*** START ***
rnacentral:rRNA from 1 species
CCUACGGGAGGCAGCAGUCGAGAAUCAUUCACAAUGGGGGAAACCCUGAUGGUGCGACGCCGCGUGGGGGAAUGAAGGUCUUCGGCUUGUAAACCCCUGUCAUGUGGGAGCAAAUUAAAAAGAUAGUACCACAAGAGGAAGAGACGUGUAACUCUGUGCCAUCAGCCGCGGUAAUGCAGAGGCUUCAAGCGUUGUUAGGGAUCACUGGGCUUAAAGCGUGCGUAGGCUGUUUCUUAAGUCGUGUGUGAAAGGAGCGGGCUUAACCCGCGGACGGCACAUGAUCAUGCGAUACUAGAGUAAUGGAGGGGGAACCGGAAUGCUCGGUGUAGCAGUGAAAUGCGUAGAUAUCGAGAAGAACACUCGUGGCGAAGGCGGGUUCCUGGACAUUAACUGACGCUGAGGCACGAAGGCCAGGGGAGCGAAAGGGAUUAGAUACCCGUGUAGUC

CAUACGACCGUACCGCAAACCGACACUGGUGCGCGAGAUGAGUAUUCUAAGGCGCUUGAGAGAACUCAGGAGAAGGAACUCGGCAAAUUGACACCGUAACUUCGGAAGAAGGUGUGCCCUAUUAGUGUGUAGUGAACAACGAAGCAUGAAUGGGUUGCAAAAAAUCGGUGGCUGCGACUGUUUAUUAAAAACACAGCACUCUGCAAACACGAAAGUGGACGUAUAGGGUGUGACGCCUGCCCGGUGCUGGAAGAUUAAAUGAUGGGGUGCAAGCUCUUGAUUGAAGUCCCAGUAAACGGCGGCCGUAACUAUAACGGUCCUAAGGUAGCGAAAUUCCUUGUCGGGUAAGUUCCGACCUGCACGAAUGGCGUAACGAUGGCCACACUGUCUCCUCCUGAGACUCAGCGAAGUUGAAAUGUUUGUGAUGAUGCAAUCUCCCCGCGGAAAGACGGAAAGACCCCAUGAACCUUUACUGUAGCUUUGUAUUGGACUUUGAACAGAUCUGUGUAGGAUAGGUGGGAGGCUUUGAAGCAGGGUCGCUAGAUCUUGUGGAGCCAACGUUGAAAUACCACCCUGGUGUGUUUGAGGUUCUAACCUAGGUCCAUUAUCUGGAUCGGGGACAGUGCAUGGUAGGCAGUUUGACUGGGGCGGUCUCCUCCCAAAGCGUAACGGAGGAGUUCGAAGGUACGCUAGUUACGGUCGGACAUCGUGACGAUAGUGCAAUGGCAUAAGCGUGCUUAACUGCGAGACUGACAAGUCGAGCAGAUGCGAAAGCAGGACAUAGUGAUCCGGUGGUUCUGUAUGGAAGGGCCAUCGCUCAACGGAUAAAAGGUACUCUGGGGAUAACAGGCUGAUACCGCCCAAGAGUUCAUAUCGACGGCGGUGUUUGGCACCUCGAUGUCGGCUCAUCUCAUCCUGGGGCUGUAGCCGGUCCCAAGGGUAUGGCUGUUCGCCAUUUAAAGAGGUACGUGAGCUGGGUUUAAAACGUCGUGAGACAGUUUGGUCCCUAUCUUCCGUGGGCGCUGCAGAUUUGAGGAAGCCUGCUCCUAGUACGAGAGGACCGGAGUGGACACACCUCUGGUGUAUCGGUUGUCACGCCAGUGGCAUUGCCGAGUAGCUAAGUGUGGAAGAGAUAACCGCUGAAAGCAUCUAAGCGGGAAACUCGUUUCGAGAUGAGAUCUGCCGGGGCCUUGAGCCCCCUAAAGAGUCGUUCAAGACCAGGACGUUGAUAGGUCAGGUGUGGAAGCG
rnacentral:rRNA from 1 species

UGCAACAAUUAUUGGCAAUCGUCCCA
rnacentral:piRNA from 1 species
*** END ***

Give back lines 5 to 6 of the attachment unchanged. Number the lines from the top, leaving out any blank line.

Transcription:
UGCAACAAUUAUUGGCAAUCGUCCCA
rnacentral:piRNA from 1 species